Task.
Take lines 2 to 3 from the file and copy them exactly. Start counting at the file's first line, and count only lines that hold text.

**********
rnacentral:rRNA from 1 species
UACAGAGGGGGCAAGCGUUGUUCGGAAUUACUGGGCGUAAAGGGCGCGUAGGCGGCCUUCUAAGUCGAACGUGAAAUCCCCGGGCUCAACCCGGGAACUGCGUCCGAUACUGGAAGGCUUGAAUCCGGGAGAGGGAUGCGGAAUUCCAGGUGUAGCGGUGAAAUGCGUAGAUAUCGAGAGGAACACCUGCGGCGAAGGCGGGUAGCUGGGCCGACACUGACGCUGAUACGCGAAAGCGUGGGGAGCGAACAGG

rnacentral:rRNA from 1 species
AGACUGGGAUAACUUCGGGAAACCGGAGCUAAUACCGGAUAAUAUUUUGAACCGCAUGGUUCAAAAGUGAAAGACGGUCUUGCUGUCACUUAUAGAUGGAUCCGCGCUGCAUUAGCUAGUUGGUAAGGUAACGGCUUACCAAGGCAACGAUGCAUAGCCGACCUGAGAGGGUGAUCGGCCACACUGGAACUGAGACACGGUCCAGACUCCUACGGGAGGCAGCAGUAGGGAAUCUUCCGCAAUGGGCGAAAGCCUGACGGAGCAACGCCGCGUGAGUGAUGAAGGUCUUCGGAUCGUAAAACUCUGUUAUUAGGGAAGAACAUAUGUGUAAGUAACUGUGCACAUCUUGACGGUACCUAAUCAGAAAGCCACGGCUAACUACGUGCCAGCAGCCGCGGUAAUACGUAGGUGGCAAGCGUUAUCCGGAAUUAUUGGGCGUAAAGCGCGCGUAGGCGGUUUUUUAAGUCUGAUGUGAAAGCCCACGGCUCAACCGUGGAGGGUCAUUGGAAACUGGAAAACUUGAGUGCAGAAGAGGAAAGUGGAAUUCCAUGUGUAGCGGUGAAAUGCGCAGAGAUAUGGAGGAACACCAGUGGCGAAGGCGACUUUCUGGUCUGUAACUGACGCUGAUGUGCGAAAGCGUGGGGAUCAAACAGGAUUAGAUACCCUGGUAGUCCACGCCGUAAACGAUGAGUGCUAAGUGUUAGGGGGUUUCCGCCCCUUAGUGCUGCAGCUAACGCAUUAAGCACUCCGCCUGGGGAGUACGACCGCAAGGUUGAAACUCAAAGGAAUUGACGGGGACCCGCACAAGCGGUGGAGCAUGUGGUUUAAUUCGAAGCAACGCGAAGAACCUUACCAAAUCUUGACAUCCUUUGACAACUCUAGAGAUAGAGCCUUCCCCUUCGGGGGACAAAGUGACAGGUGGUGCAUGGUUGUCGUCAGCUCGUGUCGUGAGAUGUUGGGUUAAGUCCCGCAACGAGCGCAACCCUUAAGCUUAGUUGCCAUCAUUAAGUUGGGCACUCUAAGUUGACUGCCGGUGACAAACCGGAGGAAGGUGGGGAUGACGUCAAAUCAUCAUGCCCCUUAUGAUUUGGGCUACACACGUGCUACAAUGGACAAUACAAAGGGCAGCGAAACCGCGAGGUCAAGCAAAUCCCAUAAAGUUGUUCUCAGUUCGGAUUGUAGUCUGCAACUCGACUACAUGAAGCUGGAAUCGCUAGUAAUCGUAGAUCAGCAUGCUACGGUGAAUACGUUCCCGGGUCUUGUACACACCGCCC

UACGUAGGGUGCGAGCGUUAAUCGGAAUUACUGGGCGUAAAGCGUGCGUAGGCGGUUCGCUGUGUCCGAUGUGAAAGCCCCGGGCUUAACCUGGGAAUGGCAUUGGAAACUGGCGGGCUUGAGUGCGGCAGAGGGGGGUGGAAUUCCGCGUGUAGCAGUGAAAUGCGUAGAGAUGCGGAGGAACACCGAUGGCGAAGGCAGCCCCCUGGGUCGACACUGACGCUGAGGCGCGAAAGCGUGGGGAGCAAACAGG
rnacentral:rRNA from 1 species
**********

UACAGAGGGGGCAAGCGUUGUUCGGAAUUACUGGGCGUAAAGGGCGCGUAGGCGGCCUUCUAAGUCGAACGUGAAAUCCCCGGGCUCAACCCGGGAACUGCGUCCGAUACUGGAAGGCUUGAAUCCGGGAGAGGGAUGCGGAAUUCCAGGUGUAGCGGUGAAAUGCGUAGAUAUCGAGAGGAACACCUGCGGCGAAGGCGGGUAGCUGGGCCGACACUGACGCUGAUACGCGAAAGCGUGGGGAGCGAACAGG

rnacentral:rRNA from 1 species